Bristol-Myers Squibb Grants Help K-12 Educators Bring Science to Life and Help Students Explore Their Interests in the Sciences and Science-Based Careers

Tue Jun 18, 2013 9:00am EDT

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Bristol-Myers Squibb Grants Help K-12 Educators Bring Science to Life and Help Students Explore Their Interests in the Sciences and Science-Based Careers

Bristol-Myers Squibb Company (NYSE: BMY) today announced more than $500,000 in new grants to more than a dozen educational institutions and organizations working to enhance the teaching and learning of science, technology, engineering and mathematics (STEM) in K-12 schools and colleges in New Jersey.

As a global biopharmaceutical leader, Bristol-Myers Squibb has for many years supported innovative learning opportunities in the sciences for children who attend schools in the communities where its employees live and work. In central New Jersey, which is home to three of the company’s six global research and development centers, the company focuses on promoting hands-on, inquiry-based learning activities that enable students to explore their interests in the sciences and science-related careers.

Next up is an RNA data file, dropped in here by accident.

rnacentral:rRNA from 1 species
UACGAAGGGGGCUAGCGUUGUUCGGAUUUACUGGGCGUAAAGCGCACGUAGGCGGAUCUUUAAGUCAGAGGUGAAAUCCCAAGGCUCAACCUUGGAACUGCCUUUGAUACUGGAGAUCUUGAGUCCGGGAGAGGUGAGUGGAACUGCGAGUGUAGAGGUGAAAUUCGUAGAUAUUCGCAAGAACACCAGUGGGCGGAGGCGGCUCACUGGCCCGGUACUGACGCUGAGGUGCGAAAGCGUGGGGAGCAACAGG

This is accomplished in two ways: by helping educators discover new ways to bring science to life and inspire K-12 learners and by providing meaningful opportunities for students to learn – and apply their learning – about topics such as biology, chemistry, genetics, robotics, engineering, alternative energy and environmental science.

The Bristol-Myers Squibb Centers for Science Teaching and Learning at Rider University in Lawrenceville and at Montclair State University in Montclair are the company’s signature investments in STEM education in New Jersey. These centers, which each work with more than a dozen school districts and private schools in central and northern New Jersey, respectively, are changing how in-service and pre-service K-12 educators learn to teach science and mathematics. A third Bristol-Myers Squibb Center for Teaching and Learning is located at Quinnipiac University in Hamden, Connecticut, near the company’s fourth U.S.-based R&D center in Wallingford, Connecticut.